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Author Yavetz, Ido, 1952- author

Title Bodies and media : on the motion of inanimate objects in Aristotle's Physics and On the heavens / Ido Yavetz
Published Cham : Springer, [2015]
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Description 1 online resource
Series SpringerBriefs in history of science and technology
SpringerBriefs in history of science and technology.
Contents Foreword -- Introduction -- General Plan of the Essay -- Chapter 1: The Three Levels of Aristotle?s Theory of Material Bodies in Forced Motion -- Chapter 2: Heaviness, Lightness, Sinking and Floating -- Chapter 3: Some Refinements of the Basic Theory -- Chapter 4: The Dynamics of Balance: The Winch and the Lever in the Pseudo Aristotelian Mechanical Problems -- Chapter 5: Hipparchus on the theory of Prolonged Motion.- Appendix 1: Do Heavy Objects become Heavier as they Approach their Natural Place? -- Appendix 2: A Threshold of Motion in Time, as well as in Force? -- Appendix 3: A Mathematical Formulation of Aristotle?s Theory of Forced Horizontal Motion -- Appendix 4: A Mathematical Formulation of Aristotle?s Theory of Natural and Forced Vertical Motion -- Appendix 5: A Mathematical Formulation of Hipparchus?s Theory of Vertical Motion -- Appendix 6: Alternative Translations of the Quotations Used in the Main Text
Summary This book presents a recasting of Aristotle?s theory of spatial displacement of inanimate objects. Aristotle?s claim that projectiles are actively carried by the media through which they move (such as air or water) is well known and has drawn the attention of commentators from ancient to modern times. What is lacking, however, is a systematic investigation of the consequences of his suggestion that the medium always acts as the direct instrument of locomotion, be it natural or forced, while original movers (e.g. stone throwers, catapults, bowstrings) act indirectly by impressing moving force into the medium. Filling this gap and guided by discussions in Aristotle?s Physics and On the Heavens, the present volume shows that Aristotle?s active medium enables his theory - in which force is proportional to speed - to account for a large class of phenomena that Newtonian dynamics - in which force is proportional to acceleration - accounts for through the concept of inertia. By applying Aristotle?s medium dynamics to projectile flight and to collisions that involve reversal of motion, the book provides detailed examples of the efficacy and coherence that the active medium gives to Aristotle?s discussions. The book is directed primarily to historians of ancient, medieval, and early modern science, to philosophers of science and to students of Aristotle?s natural philosophy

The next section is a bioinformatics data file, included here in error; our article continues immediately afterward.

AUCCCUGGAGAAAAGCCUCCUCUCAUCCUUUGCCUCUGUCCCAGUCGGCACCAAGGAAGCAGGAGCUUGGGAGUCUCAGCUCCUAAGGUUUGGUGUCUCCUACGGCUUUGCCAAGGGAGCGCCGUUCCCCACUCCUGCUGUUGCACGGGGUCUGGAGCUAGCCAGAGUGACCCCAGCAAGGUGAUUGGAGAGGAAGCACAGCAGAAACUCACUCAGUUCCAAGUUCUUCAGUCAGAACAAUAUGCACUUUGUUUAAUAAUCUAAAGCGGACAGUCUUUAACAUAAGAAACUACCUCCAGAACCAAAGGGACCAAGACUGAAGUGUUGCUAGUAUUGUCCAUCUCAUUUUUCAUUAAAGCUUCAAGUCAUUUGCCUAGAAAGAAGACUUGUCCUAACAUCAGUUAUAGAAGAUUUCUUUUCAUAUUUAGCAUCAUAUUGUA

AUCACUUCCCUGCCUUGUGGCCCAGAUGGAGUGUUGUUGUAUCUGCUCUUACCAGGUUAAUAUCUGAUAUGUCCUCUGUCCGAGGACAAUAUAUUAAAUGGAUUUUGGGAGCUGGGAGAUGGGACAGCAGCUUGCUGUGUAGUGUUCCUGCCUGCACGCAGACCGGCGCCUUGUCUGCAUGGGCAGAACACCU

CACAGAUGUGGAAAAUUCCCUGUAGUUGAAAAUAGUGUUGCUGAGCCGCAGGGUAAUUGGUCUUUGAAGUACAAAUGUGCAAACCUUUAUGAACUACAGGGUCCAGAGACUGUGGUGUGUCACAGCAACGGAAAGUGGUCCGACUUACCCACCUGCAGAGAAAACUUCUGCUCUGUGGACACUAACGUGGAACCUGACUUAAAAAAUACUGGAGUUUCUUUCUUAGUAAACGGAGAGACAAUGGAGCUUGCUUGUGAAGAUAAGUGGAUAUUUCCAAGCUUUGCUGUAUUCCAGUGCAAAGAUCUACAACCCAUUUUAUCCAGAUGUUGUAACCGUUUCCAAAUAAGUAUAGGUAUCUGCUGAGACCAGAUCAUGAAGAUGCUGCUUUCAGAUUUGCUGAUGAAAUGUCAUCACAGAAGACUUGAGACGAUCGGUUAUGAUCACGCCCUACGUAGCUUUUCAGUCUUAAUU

Bibliography Includes bibliographical references
Notes Vendor-supplied metadata
Subject Aristotle. De caelo.
Aristotle. Physics.
Astronomy, Greek.
Physics -- Early works to 1800.
Science, Ancient.
Genre/Form Early works.
Form Electronic book
ISBN 3319212621 (print)
331921263X (electronic bk.)
9783319212623 (print)
9783319212630 (electronic bk.)